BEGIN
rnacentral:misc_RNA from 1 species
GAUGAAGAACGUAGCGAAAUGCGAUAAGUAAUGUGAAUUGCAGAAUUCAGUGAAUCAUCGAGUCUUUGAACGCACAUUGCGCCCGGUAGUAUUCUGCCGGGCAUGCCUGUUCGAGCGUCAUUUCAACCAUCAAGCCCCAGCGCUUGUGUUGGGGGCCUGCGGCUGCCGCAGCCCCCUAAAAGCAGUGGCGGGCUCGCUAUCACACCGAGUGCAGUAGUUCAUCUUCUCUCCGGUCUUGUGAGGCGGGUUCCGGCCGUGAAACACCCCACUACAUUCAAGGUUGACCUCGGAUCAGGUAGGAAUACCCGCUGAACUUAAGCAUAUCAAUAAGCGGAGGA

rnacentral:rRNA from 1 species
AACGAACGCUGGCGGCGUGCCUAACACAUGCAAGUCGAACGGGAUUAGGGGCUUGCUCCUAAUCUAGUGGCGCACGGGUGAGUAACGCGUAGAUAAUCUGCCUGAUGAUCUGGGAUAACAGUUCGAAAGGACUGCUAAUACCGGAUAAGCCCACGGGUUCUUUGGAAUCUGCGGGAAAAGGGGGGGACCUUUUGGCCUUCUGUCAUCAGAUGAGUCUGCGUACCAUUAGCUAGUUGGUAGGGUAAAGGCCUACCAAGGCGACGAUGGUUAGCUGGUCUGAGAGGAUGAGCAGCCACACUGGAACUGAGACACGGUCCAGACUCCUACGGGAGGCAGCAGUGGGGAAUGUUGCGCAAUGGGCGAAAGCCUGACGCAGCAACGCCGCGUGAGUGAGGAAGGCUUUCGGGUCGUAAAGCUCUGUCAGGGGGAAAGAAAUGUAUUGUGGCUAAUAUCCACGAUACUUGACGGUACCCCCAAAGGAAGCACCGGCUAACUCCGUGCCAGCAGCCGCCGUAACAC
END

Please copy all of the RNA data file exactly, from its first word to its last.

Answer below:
rnacentral:misc_RNA from 1 species
GAUGAAGAACGUAGCGAAAUGCGAUAAGUAAUGUGAAUUGCAGAAUUCAGUGAAUCAUCGAGUCUUUGAACGCACAUUGCGCCCGGUAGUAUUCUGCCGGGCAUGCCUGUUCGAGCGUCAUUUCAACCAUCAAGCCCCAGCGCUUGUGUUGGGGGCCUGCGGCUGCCGCAGCCCCCUAAAAGCAGUGGCGGGCUCGCUAUCACACCGAGUGCAGUAGUUCAUCUUCUCUCCGGUCUUGUGAGGCGGGUUCCGGCCGUGAAACACCCCACUACAUUCAAGGUUGACCUCGGAUCAGGUAGGAAUACCCGCUGAACUUAAGCAUAUCAAUAAGCGGAGGA

rnacentral:rRNA from 1 species
AACGAACGCUGGCGGCGUGCCUAACACAUGCAAGUCGAACGGGAUUAGGGGCUUGCUCCUAAUCUAGUGGCGCACGGGUGAGUAACGCGUAGAUAAUCUGCCUGAUGAUCUGGGAUAACAGUUCGAAAGGACUGCUAAUACCGGAUAAGCCCACGGGUUCUUUGGAAUCUGCGGGAAAAGGGGGGGACCUUUUGGCCUUCUGUCAUCAGAUGAGUCUGCGUACCAUUAGCUAGUUGGUAGGGUAAAGGCCUACCAAGGCGACGAUGGUUAGCUGGUCUGAGAGGAUGAGCAGCCACACUGGAACUGAGACACGGUCCAGACUCCUACGGGAGGCAGCAGUGGGGAAUGUUGCGCAAUGGGCGAAAGCCUGACGCAGCAACGCCGCGUGAGUGAGGAAGGCUUUCGGGUCGUAAAGCUCUGUCAGGGGGAAAGAAAUGUAUUGUGGCUAAUAUCCACGAUACUUGACGGUACCCCCAAAGGAAGCACCGGCUAACUCCGUGCCAGCAGCCGCCGUAACAC